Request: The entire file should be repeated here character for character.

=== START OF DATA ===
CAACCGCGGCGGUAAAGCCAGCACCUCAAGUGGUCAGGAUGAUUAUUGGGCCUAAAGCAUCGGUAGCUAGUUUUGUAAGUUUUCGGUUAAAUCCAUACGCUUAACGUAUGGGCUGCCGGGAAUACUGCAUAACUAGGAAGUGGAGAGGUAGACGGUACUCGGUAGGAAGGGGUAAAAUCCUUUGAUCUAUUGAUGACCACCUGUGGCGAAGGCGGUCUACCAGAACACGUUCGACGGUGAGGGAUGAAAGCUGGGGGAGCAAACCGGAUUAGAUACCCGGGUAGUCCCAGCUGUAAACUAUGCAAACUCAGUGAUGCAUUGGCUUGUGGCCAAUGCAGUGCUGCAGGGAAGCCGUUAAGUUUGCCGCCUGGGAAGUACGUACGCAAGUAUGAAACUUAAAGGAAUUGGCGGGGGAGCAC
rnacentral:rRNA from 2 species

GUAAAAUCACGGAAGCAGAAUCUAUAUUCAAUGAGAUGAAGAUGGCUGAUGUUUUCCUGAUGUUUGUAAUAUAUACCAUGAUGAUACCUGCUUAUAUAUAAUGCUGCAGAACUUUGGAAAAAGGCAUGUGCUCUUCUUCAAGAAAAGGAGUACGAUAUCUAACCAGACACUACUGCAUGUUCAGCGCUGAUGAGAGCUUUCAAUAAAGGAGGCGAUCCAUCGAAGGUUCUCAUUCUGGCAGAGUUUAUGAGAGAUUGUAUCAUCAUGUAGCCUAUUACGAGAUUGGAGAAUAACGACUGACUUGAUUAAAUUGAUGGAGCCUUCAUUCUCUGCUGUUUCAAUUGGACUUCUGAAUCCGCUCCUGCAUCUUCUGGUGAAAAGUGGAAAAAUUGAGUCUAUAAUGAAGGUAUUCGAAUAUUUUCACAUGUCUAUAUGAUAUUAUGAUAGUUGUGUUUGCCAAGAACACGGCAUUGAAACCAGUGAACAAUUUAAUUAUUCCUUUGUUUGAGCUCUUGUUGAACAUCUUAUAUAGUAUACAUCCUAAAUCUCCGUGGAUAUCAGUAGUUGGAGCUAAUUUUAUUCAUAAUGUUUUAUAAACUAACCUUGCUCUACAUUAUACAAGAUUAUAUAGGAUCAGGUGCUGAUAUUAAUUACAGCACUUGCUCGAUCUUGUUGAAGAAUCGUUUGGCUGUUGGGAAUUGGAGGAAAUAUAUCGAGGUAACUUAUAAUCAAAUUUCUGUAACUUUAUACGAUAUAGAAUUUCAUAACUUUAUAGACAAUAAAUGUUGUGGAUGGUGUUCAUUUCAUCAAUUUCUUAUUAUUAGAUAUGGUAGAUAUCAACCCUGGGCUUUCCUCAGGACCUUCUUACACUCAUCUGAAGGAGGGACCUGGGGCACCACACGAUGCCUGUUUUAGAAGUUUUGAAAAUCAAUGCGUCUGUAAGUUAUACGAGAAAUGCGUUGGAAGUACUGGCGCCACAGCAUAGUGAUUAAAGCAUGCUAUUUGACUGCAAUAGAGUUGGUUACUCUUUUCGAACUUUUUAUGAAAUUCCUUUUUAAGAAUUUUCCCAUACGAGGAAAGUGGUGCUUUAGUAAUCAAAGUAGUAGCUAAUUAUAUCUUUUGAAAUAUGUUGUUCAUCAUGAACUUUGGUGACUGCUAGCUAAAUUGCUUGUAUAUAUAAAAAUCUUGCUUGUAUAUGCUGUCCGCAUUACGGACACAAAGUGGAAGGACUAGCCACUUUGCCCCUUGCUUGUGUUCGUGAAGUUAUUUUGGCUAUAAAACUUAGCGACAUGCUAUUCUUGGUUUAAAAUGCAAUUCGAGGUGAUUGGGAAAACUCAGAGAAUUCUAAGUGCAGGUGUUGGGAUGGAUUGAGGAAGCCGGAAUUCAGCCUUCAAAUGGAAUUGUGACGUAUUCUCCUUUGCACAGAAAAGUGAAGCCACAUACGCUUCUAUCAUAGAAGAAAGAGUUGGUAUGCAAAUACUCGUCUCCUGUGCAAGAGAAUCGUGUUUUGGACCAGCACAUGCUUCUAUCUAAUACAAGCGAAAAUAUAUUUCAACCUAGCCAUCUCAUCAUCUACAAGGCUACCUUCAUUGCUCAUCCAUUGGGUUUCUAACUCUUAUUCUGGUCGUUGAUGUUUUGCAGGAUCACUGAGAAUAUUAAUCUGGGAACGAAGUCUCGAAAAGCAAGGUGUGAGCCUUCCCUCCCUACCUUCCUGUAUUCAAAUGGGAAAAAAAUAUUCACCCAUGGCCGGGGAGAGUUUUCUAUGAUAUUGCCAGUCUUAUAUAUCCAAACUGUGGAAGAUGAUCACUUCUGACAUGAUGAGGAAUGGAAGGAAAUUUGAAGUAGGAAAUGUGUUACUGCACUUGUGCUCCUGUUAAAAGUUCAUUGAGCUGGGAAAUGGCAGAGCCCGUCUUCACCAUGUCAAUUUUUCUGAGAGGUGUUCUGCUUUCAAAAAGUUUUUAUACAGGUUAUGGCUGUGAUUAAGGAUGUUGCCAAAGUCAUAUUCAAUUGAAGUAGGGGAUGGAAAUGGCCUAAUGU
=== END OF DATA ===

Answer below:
CAACCGCGGCGGUAAAGCCAGCACCUCAAGUGGUCAGGAUGAUUAUUGGGCCUAAAGCAUCGGUAGCUAGUUUUGUAAGUUUUCGGUUAAAUCCAUACGCUUAACGUAUGGGCUGCCGGGAAUACUGCAUAACUAGGAAGUGGAGAGGUAGACGGUACUCGGUAGGAAGGGGUAAAAUCCUUUGAUCUAUUGAUGACCACCUGUGGCGAAGGCGGUCUACCAGAACACGUUCGACGGUGAGGGAUGAAAGCUGGGGGAGCAAACCGGAUUAGAUACCCGGGUAGUCCCAGCUGUAAACUAUGCAAACUCAGUGAUGCAUUGGCUUGUGGCCAAUGCAGUGCUGCAGGGAAGCCGUUAAGUUUGCCGCCUGGGAAGUACGUACGCAAGUAUGAAACUUAAAGGAAUUGGCGGGGGAGCAC
rnacentral:rRNA from 2 species

GUAAAAUCACGGAAGCAGAAUCUAUAUUCAAUGAGAUGAAGAUGGCUGAUGUUUUCCUGAUGUUUGUAAUAUAUACCAUGAUGAUACCUGCUUAUAUAUAAUGCUGCAGAACUUUGGAAAAAGGCAUGUGCUCUUCUUCAAGAAAAGGAGUACGAUAUCUAACCAGACACUACUGCAUGUUCAGCGCUGAUGAGAGCUUUCAAUAAAGGAGGCGAUCCAUCGAAGGUUCUCAUUCUGGCAGAGUUUAUGAGAGAUUGUAUCAUCAUGUAGCCUAUUACGAGAUUGGAGAAUAACGACUGACUUGAUUAAAUUGAUGGAGCCUUCAUUCUCUGCUGUUUCAAUUGGACUUCUGAAUCCGCUCCUGCAUCUUCUGGUGAAAAGUGGAAAAAUUGAGUCUAUAAUGAAGGUAUUCGAAUAUUUUCACAUGUCUAUAUGAUAUUAUGAUAGUUGUGUUUGCCAAGAACACGGCAUUGAAACCAGUGAACAAUUUAAUUAUUCCUUUGUUUGAGCUCUUGUUGAACAUCUUAUAUAGUAUACAUCCUAAAUCUCCGUGGAUAUCAGUAGUUGGAGCUAAUUUUAUUCAUAAUGUUUUAUAAACUAACCUUGCUCUACAUUAUACAAGAUUAUAUAGGAUCAGGUGCUGAUAUUAAUUACAGCACUUGCUCGAUCUUGUUGAAGAAUCGUUUGGCUGUUGGGAAUUGGAGGAAAUAUAUCGAGGUAACUUAUAAUCAAAUUUCUGUAACUUUAUACGAUAUAGAAUUUCAUAACUUUAUAGACAAUAAAUGUUGUGGAUGGUGUUCAUUUCAUCAAUUUCUUAUUAUUAGAUAUGGUAGAUAUCAACCCUGGGCUUUCCUCAGGACCUUCUUACACUCAUCUGAAGGAGGGACCUGGGGCACCACACGAUGCCUGUUUUAGAAGUUUUGAAAAUCAAUGCGUCUGUAAGUUAUACGAGAAAUGCGUUGGAAGUACUGGCGCCACAGCAUAGUGAUUAAAGCAUGCUAUUUGACUGCAAUAGAGUUGGUUACUCUUUUCGAACUUUUUAUGAAAUUCCUUUUUAAGAAUUUUCCCAUACGAGGAAAGUGGUGCUUUAGUAAUCAAAGUAGUAGCUAAUUAUAUCUUUUGAAAUAUGUUGUUCAUCAUGAACUUUGGUGACUGCUAGCUAAAUUGCUUGUAUAUAUAAAAAUCUUGCUUGUAUAUGCUGUCCGCAUUACGGACACAAAGUGGAAGGACUAGCCACUUUGCCCCUUGCUUGUGUUCGUGAAGUUAUUUUGGCUAUAAAACUUAGCGACAUGCUAUUCUUGGUUUAAAAUGCAAUUCGAGGUGAUUGGGAAAACUCAGAGAAUUCUAAGUGCAGGUGUUGGGAUGGAUUGAGGAAGCCGGAAUUCAGCCUUCAAAUGGAAUUGUGACGUAUUCUCCUUUGCACAGAAAAGUGAAGCCACAUACGCUUCUAUCAUAGAAGAAAGAGUUGGUAUGCAAAUACUCGUCUCCUGUGCAAGAGAAUCGUGUUUUGGACCAGCACAUGCUUCUAUCUAAUACAAGCGAAAAUAUAUUUCAACCUAGCCAUCUCAUCAUCUACAAGGCUACCUUCAUUGCUCAUCCAUUGGGUUUCUAACUCUUAUUCUGGUCGUUGAUGUUUUGCAGGAUCACUGAGAAUAUUAAUCUGGGAACGAAGUCUCGAAAAGCAAGGUGUGAGCCUUCCCUCCCUACCUUCCUGUAUUCAAAUGGGAAAAAAAUAUUCACCCAUGGCCGGGGAGAGUUUUCUAUGAUAUUGCCAGUCUUAUAUAUCCAAACUGUGGAAGAUGAUCACUUCUGACAUGAUGAGGAAUGGAAGGAAAUUUGAAGUAGGAAAUGUGUUACUGCACUUGUGCUCCUGUUAAAAGUUCAUUGAGCUGGGAAAUGGCAGAGCCCGUCUUCACCAUGUCAAUUUUUCUGAGAGGUGUUCUGCUUUCAAAAAGUUUUUAUACAGGUUAUGGCUGUGAUUAAGGAUGUUGCCAAAGUCAUAUUCAAUUGAAGUAGGGGAUGGAAAUGGCCUAAUGU